Tried this recipe?Mention @leitesculinaria or tag #leitesculinaria!
Recipe © 2021 Deborah VanTrece. Photo © 2021 Noah Fecks. All rights reserved.

Recipe Testers’ Reviews

This is the perfect recipe to prepare for summer guests. As we joyfully anticipate the return of friends around the dining table, sharing food and conversation, baked shrimp with Creole sauce will be making an appearance again on our first menu in the garden. While it does take some time to simmer and requires a mild level of concentration…it’s the kind of dish the host can prepare while sipping wine and having witty conversation. This recipe calls for a Cajun spice mix, and I used Leite’s Culinaria version.

A bowl of baked shrimp with Creole sauce with a block of rice in the center.

The entire house had a wonderful aroma of something intriguing and delicious during the process. The shrimp simmered perfectly in the smoky, sultry sauce with just enough pepper and heat to perk up your tastebuds. We served a heap of them on white jasmine rice to soak up the flavors of the sauce. The final dish is decadent and satisfying without being overly rich. We plated the dish with a lemon wedge to provide a bit of extra acidity and paired it with a spicy, peppery Shiraz. Delicious!

This baked shrimp with creole sauce was a hit in my house. This is the real deal iconic dish and could not have been easier to prepare. I highly recommend that you buy the freshest shrimp you can get and leave them intact as the shells and heads along with the fresh herbs have the most flavor and you’ll be wowed. I also prefer Irish butter.

I used the sweet paprika and made the Creole seasoning from the site which is awesome. I found that cranking up the heat of the oven to 425°F degrees made the process go a bit quicker and resulted in more of a “grilled” quality. Great easy-peasy summertime dish. I served this with some crusty bread for dipping and washed it all down with some ice-cold Coronas with lime.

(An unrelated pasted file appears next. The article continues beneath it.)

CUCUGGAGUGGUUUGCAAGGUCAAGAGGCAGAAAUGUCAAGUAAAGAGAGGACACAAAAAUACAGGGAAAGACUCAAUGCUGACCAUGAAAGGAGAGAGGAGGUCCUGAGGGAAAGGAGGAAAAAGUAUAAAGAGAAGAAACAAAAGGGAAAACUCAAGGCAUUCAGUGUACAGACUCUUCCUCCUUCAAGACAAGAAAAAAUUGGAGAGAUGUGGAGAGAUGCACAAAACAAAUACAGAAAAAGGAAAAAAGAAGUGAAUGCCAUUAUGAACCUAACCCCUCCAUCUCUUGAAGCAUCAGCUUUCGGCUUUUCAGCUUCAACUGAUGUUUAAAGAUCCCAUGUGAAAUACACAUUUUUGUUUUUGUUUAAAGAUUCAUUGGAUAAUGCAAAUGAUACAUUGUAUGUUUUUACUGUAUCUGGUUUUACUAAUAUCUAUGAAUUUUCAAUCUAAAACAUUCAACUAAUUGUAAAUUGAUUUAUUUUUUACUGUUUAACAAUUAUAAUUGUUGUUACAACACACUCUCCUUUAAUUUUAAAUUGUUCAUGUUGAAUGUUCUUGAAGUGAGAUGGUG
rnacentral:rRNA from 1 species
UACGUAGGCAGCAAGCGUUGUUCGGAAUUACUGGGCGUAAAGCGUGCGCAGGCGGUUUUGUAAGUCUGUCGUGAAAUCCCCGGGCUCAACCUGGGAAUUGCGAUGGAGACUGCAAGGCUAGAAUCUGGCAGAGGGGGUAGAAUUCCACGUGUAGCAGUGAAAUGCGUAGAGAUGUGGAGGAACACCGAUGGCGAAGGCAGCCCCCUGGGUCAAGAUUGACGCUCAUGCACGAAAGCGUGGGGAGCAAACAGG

Holy buckets, this is delicious—and easy. I’ve made this type of barbeque shrimp in the past, but this recipe for baked shrimp with creole sauce blows the others out of the water (pun intended). Let me start by saying that my shrimp did not have the heads on—I would’ve had to go to a bait shop to get that here. Anything about a bait shop reminds me of Hurricane Irma when we lost power for a week and there was squid and head-on bait shrimp in the garage freezer that my husband “forgot” about. I’ll never forget it. So, I used just over 2 pounds of headless wild-caught Gulf shrimp from the local fish market.

I also didn’t have any parsley, so I left it out. I used sweet paprika and fresh bay laurel leaves from my backyard. I served the shrimp with cheesy grits and green beans like my mother used to cook (bacon, onions, a little sugar, and a little vinegar), & homemade toasted coconut pudding for dessert. My husband ate two plates, I had to force myself to stop at one.

About David Leite

I count myself lucky to have received three James Beard Awards for my writing as well as for Leite’s Culinaria. My work has also appeared in The New York Times, Martha Stewart Living, Saveur, Bon Appétit, Gourmet, Food & Wine, Yankee, Los Angeles Times, Chicago Tribune, The Washington Post, and more.

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Recipe Rating


  1. 1 pound of butter plus 1/4 cup olive oil??? I have no problem with butter, but for 20 jumbo shrimp, do we really need so much fat?
    p.s Love your homemade cajun spice mix.

    1. Thanks, angiesrecipes. It is a lot of butter, however, after doing some research and hearing from our testers, it’s an authentic version of New Orleans BBQ shrimp, which is very heavy on the butter. Mingled with the Cajun spices, it’s delicious when mopped up with bread or rice, but you could always just enjoy the shrimp and leave the remaining butter in the dish.